Mike Tomlin’s ability to get his team to do just that will define whether the 2016 Steelers end December football earning the title of “contender.”

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Vote Now Steelers Nation: Steelers Game Ball Winners for Giants Game

Winning sure is fun, even if the Steelers didn’t make it as easy on themselves as they should have. The Pittsburgh Steelers beat the New York Giants to the tune of 24-14 and had it not been for a plethora of penalties and inopportune times, the Steelers victory could have been more decisive.

  • But as Mike Tomlin is probably reminding us now as I write this, “They don’t add style points.”
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Antonio Brown and Ladarius Green during the Steelers 24-14 win over the New York Giants. Photo Credit: Christopher Horner, Tribune-Review

As we do after every Steelers win, we invite citizens of Steelers Nation to vote game ball winners. Here are the candidates who’ve made it to the ballot:

Who deserves a game ball for the Steelers win over the Giants (votes for multiple players allowed)

On offense, Ben Roethlisberger earns a ballot slot due to his strong performance. Ladarius Green had what might be a breakout game, including his critical touchdown late in the game. Le’Veon Bell didn’t always have room to run, but showed why he is the most complete running back in the league. Antonio Brown’s yardage totals might have been down, but he came down with the ball in the end zone, and made another critical catch late in the game.

  • Remember, you are not limited to these choices. If you think that Jesse James deserves a game ball, please by all means write in his name. Better yet, write in his name in leave a comment pleading your case.

On defense, Sean Davis leads the balloting. Even before his interception, Sean Davis had a strong game, coming up to make a number of critical stops.

Lawrence Timmons also gets a nod on the ballot, as his interception was critical. Mike Mitchell also gets a ballot slot, as he came up with several key pass defenses against Odell Beckham Jr.

James Harrison recorded yet another sack, and again was strong in run defense. And Ricardo Mathews gets a ballot slot thanks to his sack of Eli Manning late in the game.

  • One good candidate for a write in would be Artie Burns, who lead the team in tackles, and had a key pass defense in the end zone.

On special teams, we’re also giving a slot to Steelers emergency kicker Randy Bullock, who knocked in 3 field goals and was perfect on extra points.

Thanks in advance for taking time to vote. Please be sure to check back for Steel Curtain Rising’s full analysis of the Steelers win over the Giants.

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Better Luck to Randy Bullock: Past Steelers Emergency Kickers have Struggled

Better Luck to Randy Bullock: Past Steelers Emergency Kickers have Struggled

News that a Chris Boswell abdomen injury forced the Steelers to sign Randy Bullock sent shockwaves through Steelers Nation just 24 hours before the Steelers critical matchup with the New York Giants at Heinz Field.

  • And so it should, Chris Boswell has proven to be a very accurate kicker and beyond that, a pretty good clutch kicker.
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Chris Boswell kicks a for the Steelers vs. the Bengals in October 2015. Photo Credit: Frank Victores, AP via Yahoo! Sports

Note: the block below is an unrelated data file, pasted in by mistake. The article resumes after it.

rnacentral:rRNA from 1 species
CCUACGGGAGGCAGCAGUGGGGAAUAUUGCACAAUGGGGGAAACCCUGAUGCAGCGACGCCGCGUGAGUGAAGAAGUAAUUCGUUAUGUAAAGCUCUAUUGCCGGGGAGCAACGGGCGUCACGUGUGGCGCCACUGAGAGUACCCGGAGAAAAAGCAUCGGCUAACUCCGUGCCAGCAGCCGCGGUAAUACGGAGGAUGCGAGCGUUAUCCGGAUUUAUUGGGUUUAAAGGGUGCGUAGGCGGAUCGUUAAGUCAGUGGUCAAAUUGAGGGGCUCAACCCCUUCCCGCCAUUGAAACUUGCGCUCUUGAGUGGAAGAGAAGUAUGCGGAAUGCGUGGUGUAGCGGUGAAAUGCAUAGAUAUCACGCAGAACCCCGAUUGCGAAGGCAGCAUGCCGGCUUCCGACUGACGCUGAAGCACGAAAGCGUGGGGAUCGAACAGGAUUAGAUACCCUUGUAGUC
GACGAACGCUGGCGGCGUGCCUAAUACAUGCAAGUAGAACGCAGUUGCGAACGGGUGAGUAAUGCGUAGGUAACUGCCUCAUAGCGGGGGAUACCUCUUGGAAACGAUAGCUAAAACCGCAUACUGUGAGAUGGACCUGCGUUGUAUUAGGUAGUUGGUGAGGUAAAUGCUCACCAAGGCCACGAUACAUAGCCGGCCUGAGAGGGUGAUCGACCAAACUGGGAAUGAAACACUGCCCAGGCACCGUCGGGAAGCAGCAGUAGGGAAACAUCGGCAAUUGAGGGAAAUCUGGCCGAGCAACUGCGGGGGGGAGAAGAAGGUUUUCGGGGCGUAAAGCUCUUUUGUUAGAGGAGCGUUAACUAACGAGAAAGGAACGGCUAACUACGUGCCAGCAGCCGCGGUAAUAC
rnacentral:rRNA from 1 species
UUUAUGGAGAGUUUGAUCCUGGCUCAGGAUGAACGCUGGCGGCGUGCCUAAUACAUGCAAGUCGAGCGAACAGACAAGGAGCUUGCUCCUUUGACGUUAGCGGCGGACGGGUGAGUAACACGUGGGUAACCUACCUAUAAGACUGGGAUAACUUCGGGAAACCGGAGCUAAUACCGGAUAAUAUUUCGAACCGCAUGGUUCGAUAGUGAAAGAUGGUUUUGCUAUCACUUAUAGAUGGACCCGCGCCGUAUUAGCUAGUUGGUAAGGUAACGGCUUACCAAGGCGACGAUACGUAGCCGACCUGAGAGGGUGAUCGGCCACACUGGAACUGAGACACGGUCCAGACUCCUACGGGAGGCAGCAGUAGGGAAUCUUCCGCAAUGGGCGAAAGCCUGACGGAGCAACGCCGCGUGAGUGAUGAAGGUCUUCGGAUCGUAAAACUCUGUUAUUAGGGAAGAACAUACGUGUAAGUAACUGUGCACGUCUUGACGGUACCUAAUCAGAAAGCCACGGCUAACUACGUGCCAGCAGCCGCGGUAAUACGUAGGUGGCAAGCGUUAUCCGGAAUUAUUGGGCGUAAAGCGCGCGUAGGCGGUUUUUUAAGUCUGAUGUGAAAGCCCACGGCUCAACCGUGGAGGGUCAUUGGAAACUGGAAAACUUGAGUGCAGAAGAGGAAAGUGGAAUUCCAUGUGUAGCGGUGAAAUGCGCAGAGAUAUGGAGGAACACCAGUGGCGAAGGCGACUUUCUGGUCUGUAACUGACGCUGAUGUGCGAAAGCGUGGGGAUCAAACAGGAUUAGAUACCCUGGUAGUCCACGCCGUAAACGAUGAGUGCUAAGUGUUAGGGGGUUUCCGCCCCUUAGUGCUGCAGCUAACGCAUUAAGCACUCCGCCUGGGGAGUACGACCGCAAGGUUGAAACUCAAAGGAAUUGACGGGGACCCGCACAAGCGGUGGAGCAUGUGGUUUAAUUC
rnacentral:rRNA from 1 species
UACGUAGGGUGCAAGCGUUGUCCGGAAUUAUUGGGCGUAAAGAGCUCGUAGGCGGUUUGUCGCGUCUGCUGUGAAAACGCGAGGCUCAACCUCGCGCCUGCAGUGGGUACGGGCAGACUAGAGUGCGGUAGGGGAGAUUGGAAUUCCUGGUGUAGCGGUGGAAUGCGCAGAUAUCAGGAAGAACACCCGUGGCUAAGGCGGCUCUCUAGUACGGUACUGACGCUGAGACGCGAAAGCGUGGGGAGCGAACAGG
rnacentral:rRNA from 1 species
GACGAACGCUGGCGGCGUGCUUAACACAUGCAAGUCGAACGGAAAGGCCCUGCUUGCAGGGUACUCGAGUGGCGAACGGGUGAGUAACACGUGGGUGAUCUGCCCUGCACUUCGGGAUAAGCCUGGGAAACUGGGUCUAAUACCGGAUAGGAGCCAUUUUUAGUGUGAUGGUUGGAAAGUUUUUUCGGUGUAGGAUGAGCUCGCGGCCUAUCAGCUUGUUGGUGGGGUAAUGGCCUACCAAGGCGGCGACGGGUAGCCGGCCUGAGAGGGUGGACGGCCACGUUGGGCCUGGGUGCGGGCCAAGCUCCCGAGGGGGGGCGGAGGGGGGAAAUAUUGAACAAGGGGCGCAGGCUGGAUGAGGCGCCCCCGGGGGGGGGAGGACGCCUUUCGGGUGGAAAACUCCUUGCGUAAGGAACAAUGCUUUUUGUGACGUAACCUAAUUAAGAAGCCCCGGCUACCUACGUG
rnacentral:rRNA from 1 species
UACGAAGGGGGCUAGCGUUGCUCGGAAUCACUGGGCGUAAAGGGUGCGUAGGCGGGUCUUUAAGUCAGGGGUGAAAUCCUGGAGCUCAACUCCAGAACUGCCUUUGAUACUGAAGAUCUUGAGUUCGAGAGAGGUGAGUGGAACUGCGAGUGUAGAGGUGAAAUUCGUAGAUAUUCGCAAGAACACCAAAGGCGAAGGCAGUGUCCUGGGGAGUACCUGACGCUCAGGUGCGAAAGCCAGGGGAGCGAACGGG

But Steeles Nation’s collective trepidation is also felt so deeply because past history of Steelers emergency kickers has been pretty dismal. Or it should say, history of “Steelers emergency kicker” because in the modern era, the Steelers have only had to go to their “Spare Parts” list to sign a kicker once.

Steelers Emergency Kickers of Yesteryear

It happened in mid-November 1998, when a Norm Johnson strained calf muscle forced the Steelers to sign Matt George, and it is not an experience Kevin Colbert, Mike Tomlin, Danny Smith or anyone else in Steelers Nation would wish to repeat.

  • There were red flags around this move even before Matt George’s foot touched the pigskin.

The Steelers had brought Matt George to training camp with them that summer, but cut him in late August. In other words, they’d seen enough of him to know that he wasn’t their first choice of a “in case of emergency break glass” kicker.

The Steelers brought Brett Conway to Three Rivers Stadium, gave him a tryout, and negotiated with him for two days, thinking they had a deal in place. Then suddenly, Brett Conway left the building.

Brett Conway left on the advice of his agent, after the Washington Redskins offered him spot on their practice squad, infuriating Tom Donahoe and Bill Cowher.

The Steelers signed Matt George, who, after missing several kicks during pre-game warmups, kicked low on a 36 yard field goal kick which the Tennessee Oilers blocked.

The Steelers instead went for it on 4th down, only to have Kordell Stewart stopped. The Titans took the lead on the next drive on an Al Del Greco field goal. In desperation, the Steelers tried to lateral their way to retake the lead with time expiring, but the Oilers ran in a loose ball to score an insurance touchdown.

For the record, the Tennessee Oilers won the game 23 to 10 thereby completing their first (and only, at least as the “Tennessee Oilers”) season sweep of the Steelers. Norm Johnson returned the following week and kicked through the end of the 1999 season. Although Matt George wasn’t the only reason the Steelers lost the game, he never played another down in the NFL.

  • As Bill Cowher candidly confided after the game, “I now realize how important it is to have a kicker.”

It is safe to say that, if he didn’t already know that, Mike Tomlin learned that lesson last season as he stood with an injured Ben Roethlisberger watching Michael Vick and Josh Scobee struggled in the Steelers Heinz Field loss to the Ravens.